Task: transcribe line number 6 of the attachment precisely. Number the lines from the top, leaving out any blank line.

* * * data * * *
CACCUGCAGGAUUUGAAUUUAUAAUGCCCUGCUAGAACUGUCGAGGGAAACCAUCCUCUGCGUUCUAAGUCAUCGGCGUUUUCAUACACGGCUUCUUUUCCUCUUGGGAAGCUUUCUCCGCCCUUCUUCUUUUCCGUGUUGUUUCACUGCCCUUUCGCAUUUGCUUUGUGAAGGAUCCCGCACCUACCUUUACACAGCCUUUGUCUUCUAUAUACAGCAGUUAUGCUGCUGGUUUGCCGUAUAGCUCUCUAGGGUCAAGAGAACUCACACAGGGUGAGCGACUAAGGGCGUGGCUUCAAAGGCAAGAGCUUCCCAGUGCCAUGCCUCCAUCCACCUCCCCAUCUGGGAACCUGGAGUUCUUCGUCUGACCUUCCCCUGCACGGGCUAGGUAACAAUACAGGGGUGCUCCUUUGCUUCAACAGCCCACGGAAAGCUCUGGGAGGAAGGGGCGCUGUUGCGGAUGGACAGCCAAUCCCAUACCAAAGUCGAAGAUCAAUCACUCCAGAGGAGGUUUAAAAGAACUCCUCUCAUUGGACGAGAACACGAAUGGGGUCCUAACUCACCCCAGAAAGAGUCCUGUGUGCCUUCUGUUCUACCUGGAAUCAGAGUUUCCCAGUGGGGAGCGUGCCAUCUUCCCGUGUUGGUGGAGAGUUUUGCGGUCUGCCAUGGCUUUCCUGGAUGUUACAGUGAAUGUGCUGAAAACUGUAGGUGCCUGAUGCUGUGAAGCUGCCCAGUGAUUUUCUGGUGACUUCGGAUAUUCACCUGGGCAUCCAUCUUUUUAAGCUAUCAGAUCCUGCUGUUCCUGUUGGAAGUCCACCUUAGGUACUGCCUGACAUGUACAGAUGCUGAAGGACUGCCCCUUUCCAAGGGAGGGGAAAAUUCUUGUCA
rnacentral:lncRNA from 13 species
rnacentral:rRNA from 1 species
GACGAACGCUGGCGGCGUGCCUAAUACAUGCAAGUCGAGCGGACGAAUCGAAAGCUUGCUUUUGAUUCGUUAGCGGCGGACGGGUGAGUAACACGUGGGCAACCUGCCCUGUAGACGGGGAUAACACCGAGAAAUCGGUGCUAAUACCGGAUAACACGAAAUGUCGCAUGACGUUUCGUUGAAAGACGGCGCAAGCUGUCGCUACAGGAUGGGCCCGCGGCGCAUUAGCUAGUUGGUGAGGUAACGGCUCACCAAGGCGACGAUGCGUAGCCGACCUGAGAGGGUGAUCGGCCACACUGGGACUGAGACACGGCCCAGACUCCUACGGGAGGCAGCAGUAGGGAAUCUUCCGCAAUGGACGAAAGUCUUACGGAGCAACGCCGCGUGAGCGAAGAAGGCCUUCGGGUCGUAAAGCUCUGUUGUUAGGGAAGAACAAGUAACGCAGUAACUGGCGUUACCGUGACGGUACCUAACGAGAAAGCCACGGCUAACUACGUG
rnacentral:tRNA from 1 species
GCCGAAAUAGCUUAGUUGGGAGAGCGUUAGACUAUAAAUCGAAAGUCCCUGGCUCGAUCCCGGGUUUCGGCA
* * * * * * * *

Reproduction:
GCCGAAAUAGCUUAGUUGGGAGAGCGUUAGACUAUAAAUCGAAAGUCCCUGGCUCGAUCCCGGGUUUCGGCA